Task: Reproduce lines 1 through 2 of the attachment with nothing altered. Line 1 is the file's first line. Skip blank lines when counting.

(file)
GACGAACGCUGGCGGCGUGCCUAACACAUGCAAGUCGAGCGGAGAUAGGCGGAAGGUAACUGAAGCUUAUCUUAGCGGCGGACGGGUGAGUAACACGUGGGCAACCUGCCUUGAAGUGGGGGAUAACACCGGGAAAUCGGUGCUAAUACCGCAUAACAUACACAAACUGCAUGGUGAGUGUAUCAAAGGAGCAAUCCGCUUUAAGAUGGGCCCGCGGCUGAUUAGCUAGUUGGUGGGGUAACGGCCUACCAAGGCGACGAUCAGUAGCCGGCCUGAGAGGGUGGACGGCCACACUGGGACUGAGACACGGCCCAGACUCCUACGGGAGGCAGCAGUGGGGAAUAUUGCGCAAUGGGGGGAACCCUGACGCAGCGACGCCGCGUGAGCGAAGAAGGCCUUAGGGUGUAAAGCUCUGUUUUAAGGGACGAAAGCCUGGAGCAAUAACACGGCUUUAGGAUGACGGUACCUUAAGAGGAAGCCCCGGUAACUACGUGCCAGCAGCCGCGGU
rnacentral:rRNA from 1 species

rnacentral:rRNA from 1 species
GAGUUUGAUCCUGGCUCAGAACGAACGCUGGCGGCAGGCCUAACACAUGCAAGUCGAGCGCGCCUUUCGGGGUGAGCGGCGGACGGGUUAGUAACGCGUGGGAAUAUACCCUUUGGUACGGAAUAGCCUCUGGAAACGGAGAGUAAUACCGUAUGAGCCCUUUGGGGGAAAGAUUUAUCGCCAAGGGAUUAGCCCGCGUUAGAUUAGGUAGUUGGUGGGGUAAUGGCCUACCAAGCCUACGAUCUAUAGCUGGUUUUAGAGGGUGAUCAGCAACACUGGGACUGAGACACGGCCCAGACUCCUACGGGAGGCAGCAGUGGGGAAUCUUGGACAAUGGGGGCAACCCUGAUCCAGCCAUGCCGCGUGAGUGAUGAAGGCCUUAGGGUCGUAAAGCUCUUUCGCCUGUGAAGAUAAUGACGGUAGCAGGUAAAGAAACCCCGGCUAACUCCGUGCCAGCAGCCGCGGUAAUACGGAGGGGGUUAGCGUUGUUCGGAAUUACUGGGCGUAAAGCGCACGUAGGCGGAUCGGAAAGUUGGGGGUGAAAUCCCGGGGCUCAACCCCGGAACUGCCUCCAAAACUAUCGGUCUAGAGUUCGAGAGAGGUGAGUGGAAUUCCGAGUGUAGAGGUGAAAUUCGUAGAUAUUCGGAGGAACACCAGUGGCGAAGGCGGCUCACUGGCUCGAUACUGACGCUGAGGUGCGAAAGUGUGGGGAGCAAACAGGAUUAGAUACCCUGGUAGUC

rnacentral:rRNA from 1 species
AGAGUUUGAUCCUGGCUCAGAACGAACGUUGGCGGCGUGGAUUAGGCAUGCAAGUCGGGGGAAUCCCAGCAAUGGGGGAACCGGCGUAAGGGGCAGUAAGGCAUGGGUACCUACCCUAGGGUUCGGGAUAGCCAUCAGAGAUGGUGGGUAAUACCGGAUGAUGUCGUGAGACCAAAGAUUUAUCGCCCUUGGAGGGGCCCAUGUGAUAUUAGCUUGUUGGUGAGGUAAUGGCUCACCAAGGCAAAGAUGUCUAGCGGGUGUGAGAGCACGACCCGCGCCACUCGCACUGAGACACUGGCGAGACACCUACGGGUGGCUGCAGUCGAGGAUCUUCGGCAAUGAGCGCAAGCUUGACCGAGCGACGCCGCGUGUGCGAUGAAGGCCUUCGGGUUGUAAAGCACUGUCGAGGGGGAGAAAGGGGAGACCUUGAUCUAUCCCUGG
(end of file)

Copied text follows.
GACGAACGCUGGCGGCGUGCCUAACACAUGCAAGUCGAGCGGAGAUAGGCGGAAGGUAACUGAAGCUUAUCUUAGCGGCGGACGGGUGAGUAACACGUGGGCAACCUGCCUUGAAGUGGGGGAUAACACCGGGAAAUCGGUGCUAAUACCGCAUAACAUACACAAACUGCAUGGUGAGUGUAUCAAAGGAGCAAUCCGCUUUAAGAUGGGCCCGCGGCUGAUUAGCUAGUUGGUGGGGUAACGGCCUACCAAGGCGACGAUCAGUAGCCGGCCUGAGAGGGUGGACGGCCACACUGGGACUGAGACACGGCCCAGACUCCUACGGGAGGCAGCAGUGGGGAAUAUUGCGCAAUGGGGGGAACCCUGACGCAGCGACGCCGCGUGAGCGAAGAAGGCCUUAGGGUGUAAAGCUCUGUUUUAAGGGACGAAAGCCUGGAGCAAUAACACGGCUUUAGGAUGACGGUACCUUAAGAGGAAGCCCCGGUAACUACGUGCCAGCAGCCGCGGU
rnacentral:rRNA from 1 species